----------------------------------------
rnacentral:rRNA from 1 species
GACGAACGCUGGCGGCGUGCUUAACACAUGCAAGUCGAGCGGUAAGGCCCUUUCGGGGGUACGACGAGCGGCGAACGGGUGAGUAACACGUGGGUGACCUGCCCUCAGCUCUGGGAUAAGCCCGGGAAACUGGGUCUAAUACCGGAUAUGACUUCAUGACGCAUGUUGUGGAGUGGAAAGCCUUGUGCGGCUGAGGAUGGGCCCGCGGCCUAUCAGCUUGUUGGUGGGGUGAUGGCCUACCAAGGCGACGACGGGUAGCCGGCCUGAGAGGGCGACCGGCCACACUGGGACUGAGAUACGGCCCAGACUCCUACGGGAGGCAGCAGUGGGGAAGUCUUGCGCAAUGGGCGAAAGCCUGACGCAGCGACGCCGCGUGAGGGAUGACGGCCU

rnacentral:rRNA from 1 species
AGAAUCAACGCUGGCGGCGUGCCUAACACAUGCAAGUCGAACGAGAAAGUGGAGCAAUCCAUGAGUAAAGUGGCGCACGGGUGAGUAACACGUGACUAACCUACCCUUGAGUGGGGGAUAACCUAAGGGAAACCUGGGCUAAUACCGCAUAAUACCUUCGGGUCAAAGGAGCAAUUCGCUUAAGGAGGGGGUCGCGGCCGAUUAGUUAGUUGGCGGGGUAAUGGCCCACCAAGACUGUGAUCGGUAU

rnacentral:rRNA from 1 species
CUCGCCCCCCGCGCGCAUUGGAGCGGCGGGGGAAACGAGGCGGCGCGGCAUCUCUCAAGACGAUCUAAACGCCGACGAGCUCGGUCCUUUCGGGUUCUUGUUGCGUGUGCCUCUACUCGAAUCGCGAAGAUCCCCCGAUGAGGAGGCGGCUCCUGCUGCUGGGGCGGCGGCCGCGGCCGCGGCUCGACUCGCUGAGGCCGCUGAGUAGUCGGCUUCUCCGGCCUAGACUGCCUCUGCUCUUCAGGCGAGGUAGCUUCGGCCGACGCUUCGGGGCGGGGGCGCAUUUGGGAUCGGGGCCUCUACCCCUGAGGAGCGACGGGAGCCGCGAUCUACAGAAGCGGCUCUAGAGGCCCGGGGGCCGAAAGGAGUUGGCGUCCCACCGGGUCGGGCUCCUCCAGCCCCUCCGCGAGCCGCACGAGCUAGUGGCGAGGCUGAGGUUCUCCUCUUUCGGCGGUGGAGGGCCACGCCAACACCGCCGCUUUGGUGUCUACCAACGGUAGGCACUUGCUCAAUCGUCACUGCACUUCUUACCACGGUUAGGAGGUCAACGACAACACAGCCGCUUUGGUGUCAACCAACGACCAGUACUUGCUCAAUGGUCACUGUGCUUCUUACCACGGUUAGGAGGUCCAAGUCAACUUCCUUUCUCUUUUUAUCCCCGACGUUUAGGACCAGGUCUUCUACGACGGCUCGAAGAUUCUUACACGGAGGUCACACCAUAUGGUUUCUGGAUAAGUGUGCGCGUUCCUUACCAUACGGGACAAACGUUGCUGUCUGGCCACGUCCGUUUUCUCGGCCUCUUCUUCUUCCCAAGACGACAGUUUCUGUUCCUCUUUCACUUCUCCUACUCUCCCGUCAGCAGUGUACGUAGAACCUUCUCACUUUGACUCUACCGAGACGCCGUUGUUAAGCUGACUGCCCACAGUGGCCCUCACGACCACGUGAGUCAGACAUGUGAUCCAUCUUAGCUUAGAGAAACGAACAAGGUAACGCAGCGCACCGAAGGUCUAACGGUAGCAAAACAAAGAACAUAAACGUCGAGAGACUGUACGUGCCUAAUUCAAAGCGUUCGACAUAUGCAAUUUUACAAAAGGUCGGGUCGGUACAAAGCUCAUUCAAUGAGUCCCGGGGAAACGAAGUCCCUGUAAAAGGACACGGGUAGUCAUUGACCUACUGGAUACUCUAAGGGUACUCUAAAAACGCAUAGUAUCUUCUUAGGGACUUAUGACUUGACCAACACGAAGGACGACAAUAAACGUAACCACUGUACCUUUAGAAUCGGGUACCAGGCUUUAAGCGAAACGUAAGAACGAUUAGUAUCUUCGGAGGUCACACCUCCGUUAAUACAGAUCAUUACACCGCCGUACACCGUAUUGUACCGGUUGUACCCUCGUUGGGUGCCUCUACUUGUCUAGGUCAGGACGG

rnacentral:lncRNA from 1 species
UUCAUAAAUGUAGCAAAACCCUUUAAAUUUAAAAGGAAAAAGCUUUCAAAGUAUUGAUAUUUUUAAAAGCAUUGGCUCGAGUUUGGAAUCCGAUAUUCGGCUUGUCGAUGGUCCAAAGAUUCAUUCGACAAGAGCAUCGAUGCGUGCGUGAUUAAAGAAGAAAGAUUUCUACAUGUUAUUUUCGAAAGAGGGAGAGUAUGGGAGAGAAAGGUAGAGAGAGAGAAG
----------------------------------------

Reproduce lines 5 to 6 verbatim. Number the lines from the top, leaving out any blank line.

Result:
rnacentral:rRNA from 1 species
CUCGCCCCCCGCGCGCAUUGGAGCGGCGGGGGAAACGAGGCGGCGCGGCAUCUCUCAAGACGAUCUAAACGCCGACGAGCUCGGUCCUUUCGGGUUCUUGUUGCGUGUGCCUCUACUCGAAUCGCGAAGAUCCCCCGAUGAGGAGGCGGCUCCUGCUGCUGGGGCGGCGGCCGCGGCCGCGGCUCGACUCGCUGAGGCCGCUGAGUAGUCGGCUUCUCCGGCCUAGACUGCCUCUGCUCUUCAGGCGAGGUAGCUUCGGCCGACGCUUCGGGGCGGGGGCGCAUUUGGGAUCGGGGCCUCUACCCCUGAGGAGCGACGGGAGCCGCGAUCUACAGAAGCGGCUCUAGAGGCCCGGGGGCCGAAAGGAGUUGGCGUCCCACCGGGUCGGGCUCCUCCAGCCCCUCCGCGAGCCGCACGAGCUAGUGGCGAGGCUGAGGUUCUCCUCUUUCGGCGGUGGAGGGCCACGCCAACACCGCCGCUUUGGUGUCUACCAACGGUAGGCACUUGCUCAAUCGUCACUGCACUUCUUACCACGGUUAGGAGGUCAACGACAACACAGCCGCUUUGGUGUCAACCAACGACCAGUACUUGCUCAAUGGUCACUGUGCUUCUUACCACGGUUAGGAGGUCCAAGUCAACUUCCUUUCUCUUUUUAUCCCCGACGUUUAGGACCAGGUCUUCUACGACGGCUCGAAGAUUCUUACACGGAGGUCACACCAUAUGGUUUCUGGAUAAGUGUGCGCGUUCCUUACCAUACGGGACAAACGUUGCUGUCUGGCCACGUCCGUUUUCUCGGCCUCUUCUUCUUCCCAAGACGACAGUUUCUGUUCCUCUUUCACUUCUCCUACUCUCCCGUCAGCAGUGUACGUAGAACCUUCUCACUUUGACUCUACCGAGACGCCGUUGUUAAGCUGACUGCCCACAGUGGCCCUCACGACCACGUGAGUCAGACAUGUGAUCCAUCUUAGCUUAGAGAAACGAACAAGGUAACGCAGCGCACCGAAGGUCUAACGGUAGCAAAACAAAGAACAUAAACGUCGAGAGACUGUACGUGCCUAAUUCAAAGCGUUCGACAUAUGCAAUUUUACAAAAGGUCGGGUCGGUACAAAGCUCAUUCAAUGAGUCCCGGGGAAACGAAGUCCCUGUAAAAGGACACGGGUAGUCAUUGACCUACUGGAUACUCUAAGGGUACUCUAAAAACGCAUAGUAUCUUCUUAGGGACUUAUGACUUGACCAACACGAAGGACGACAAUAAACGUAACCACUGUACCUUUAGAAUCGGGUACCAGGCUUUAAGCGAAACGUAAGAACGAUUAGUAUCUUCGGAGGUCACACCUCCGUUAAUACAGAUCAUUACACCGCCGUACACCGUAUUGUACCGGUUGUACCCUCGUUGGGUGCCUCUACUUGUCUAGGUCAGGACGG